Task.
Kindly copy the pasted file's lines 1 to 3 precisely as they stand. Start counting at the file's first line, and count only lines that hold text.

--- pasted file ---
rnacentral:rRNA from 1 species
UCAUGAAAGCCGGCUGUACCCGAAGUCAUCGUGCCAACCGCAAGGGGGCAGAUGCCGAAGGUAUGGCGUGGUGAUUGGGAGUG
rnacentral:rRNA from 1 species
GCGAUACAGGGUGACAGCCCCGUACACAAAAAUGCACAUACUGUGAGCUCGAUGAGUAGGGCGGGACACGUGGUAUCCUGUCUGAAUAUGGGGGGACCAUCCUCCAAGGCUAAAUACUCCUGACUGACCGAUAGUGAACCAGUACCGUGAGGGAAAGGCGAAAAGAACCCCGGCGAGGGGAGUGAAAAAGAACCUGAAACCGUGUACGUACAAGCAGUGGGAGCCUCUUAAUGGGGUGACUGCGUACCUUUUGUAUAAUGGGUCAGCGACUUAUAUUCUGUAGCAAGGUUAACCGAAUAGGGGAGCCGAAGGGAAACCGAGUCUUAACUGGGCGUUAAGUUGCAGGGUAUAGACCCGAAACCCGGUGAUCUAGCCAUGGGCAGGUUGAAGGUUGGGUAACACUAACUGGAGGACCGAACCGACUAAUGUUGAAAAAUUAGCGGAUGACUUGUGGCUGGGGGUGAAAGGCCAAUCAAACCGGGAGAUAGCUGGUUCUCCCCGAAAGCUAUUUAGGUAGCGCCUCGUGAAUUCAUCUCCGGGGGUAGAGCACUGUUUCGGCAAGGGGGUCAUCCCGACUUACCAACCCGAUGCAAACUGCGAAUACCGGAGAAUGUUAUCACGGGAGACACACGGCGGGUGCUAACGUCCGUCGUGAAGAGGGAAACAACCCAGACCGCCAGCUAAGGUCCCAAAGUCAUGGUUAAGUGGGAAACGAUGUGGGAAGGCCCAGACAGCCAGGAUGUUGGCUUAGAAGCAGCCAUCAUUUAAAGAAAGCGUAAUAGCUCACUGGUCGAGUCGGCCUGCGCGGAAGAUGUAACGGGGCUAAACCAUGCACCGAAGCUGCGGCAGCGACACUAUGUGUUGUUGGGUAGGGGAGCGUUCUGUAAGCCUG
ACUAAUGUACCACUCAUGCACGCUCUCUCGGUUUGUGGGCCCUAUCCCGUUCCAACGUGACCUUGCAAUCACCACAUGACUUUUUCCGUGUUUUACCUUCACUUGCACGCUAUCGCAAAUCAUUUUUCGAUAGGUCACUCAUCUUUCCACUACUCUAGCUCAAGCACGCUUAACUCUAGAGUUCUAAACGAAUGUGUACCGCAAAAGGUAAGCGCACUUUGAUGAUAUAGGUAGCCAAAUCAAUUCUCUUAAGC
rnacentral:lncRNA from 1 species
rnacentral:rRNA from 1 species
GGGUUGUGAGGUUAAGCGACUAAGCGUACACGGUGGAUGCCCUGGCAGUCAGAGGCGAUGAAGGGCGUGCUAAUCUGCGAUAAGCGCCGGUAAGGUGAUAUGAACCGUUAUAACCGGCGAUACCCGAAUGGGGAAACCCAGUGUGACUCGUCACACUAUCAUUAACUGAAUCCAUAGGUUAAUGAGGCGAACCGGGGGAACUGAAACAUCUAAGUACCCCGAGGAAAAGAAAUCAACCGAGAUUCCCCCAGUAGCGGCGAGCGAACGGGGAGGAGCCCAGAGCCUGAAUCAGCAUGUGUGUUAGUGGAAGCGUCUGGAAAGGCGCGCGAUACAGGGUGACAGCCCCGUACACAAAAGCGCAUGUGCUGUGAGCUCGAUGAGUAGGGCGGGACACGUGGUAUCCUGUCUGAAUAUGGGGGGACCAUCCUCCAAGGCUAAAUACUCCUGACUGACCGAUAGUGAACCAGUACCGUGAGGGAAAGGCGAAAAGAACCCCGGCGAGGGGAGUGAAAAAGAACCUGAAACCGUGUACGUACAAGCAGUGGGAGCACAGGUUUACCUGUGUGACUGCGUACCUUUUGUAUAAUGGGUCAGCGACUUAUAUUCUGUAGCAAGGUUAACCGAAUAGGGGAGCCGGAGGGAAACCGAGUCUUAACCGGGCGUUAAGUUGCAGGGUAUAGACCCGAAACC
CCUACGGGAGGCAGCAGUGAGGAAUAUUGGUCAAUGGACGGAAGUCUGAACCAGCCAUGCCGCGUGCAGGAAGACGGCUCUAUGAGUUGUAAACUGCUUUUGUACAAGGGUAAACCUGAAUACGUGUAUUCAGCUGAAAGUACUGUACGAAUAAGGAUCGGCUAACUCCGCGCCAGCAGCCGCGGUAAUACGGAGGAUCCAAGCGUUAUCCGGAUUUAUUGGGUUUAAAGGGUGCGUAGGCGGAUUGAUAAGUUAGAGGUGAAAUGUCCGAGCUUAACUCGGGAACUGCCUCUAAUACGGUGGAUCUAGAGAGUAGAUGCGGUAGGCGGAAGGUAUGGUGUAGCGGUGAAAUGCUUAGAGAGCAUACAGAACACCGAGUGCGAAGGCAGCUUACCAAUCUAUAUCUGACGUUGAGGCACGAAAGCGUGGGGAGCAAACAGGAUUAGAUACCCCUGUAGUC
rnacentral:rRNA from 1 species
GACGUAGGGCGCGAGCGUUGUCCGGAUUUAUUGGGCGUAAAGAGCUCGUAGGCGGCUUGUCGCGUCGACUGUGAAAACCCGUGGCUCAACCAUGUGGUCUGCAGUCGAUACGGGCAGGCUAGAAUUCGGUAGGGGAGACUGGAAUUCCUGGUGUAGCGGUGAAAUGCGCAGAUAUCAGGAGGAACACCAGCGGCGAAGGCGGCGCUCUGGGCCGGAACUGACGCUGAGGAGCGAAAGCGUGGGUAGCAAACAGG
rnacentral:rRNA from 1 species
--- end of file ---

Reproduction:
rnacentral:rRNA from 1 species
UCAUGAAAGCCGGCUGUACCCGAAGUCAUCGUGCCAACCGCAAGGGGGCAGAUGCCGAAGGUAUGGCGUGGUGAUUGGGAGUG
rnacentral:rRNA from 1 species